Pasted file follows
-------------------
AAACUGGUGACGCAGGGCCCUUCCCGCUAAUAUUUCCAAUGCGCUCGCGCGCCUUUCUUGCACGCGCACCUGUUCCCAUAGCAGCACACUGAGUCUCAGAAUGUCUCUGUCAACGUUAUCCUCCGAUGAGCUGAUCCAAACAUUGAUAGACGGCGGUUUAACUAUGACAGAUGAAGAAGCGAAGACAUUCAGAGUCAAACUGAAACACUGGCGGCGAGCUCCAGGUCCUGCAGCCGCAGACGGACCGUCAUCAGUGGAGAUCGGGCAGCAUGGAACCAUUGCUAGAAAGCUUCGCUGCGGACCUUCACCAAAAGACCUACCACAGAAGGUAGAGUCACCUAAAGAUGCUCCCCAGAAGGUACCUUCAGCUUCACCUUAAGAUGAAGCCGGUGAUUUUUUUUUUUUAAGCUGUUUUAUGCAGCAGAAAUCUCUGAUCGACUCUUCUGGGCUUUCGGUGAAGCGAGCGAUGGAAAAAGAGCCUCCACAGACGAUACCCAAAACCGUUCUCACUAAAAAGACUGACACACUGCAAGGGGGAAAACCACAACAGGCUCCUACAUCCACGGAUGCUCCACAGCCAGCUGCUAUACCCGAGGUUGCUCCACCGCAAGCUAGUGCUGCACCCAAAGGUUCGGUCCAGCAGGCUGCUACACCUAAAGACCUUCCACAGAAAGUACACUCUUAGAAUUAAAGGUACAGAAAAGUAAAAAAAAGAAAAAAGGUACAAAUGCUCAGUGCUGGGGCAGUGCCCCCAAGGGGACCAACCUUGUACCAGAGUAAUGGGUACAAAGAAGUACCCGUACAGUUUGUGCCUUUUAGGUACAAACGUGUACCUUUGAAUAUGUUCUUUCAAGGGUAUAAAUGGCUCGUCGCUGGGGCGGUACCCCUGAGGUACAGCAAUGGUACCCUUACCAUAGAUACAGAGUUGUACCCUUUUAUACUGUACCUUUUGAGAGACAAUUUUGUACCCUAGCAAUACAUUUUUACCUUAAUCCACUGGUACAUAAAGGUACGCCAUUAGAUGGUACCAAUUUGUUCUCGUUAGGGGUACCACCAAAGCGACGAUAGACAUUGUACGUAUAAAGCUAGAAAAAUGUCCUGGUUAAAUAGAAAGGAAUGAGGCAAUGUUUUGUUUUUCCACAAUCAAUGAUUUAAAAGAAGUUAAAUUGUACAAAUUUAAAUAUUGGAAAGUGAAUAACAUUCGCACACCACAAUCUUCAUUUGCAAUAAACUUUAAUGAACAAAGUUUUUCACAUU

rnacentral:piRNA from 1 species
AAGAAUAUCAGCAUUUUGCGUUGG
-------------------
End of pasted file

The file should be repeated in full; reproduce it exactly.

AAACUGGUGACGCAGGGCCCUUCCCGCUAAUAUUUCCAAUGCGCUCGCGCGCCUUUCUUGCACGCGCACCUGUUCCCAUAGCAGCACACUGAGUCUCAGAAUGUCUCUGUCAACGUUAUCCUCCGAUGAGCUGAUCCAAACAUUGAUAGACGGCGGUUUAACUAUGACAGAUGAAGAAGCGAAGACAUUCAGAGUCAAACUGAAACACUGGCGGCGAGCUCCAGGUCCUGCAGCCGCAGACGGACCGUCAUCAGUGGAGAUCGGGCAGCAUGGAACCAUUGCUAGAAAGCUUCGCUGCGGACCUUCACCAAAAGACCUACCACAGAAGGUAGAGUCACCUAAAGAUGCUCCCCAGAAGGUACCUUCAGCUUCACCUUAAGAUGAAGCCGGUGAUUUUUUUUUUUUAAGCUGUUUUAUGCAGCAGAAAUCUCUGAUCGACUCUUCUGGGCUUUCGGUGAAGCGAGCGAUGGAAAAAGAGCCUCCACAGACGAUACCCAAAACCGUUCUCACUAAAAAGACUGACACACUGCAAGGGGGAAAACCACAACAGGCUCCUACAUCCACGGAUGCUCCACAGCCAGCUGCUAUACCCGAGGUUGCUCCACCGCAAGCUAGUGCUGCACCCAAAGGUUCGGUCCAGCAGGCUGCUACACCUAAAGACCUUCCACAGAAAGUACACUCUUAGAAUUAAAGGUACAGAAAAGUAAAAAAAAGAAAAAAGGUACAAAUGCUCAGUGCUGGGGCAGUGCCCCCAAGGGGACCAACCUUGUACCAGAGUAAUGGGUACAAAGAAGUACCCGUACAGUUUGUGCCUUUUAGGUACAAACGUGUACCUUUGAAUAUGUUCUUUCAAGGGUAUAAAUGGCUCGUCGCUGGGGCGGUACCCCUGAGGUACAGCAAUGGUACCCUUACCAUAGAUACAGAGUUGUACCCUUUUAUACUGUACCUUUUGAGAGACAAUUUUGUACCCUAGCAAUACAUUUUUACCUUAAUCCACUGGUACAUAAAGGUACGCCAUUAGAUGGUACCAAUUUGUUCUCGUUAGGGGUACCACCAAAGCGACGAUAGACAUUGUACGUAUAAAGCUAGAAAAAUGUCCUGGUUAAAUAGAAAGGAAUGAGGCAAUGUUUUGUUUUUCCACAAUCAAUGAUUUAAAAGAAGUUAAAUUGUACAAAUUUAAAUAUUGGAAAGUGAAUAACAUUCGCACACCACAAUCUUCAUUUGCAAUAAACUUUAAUGAACAAAGUUUUUCACAUU

rnacentral:piRNA from 1 species
AAGAAUAUCAGCAUUUUGCGUUGG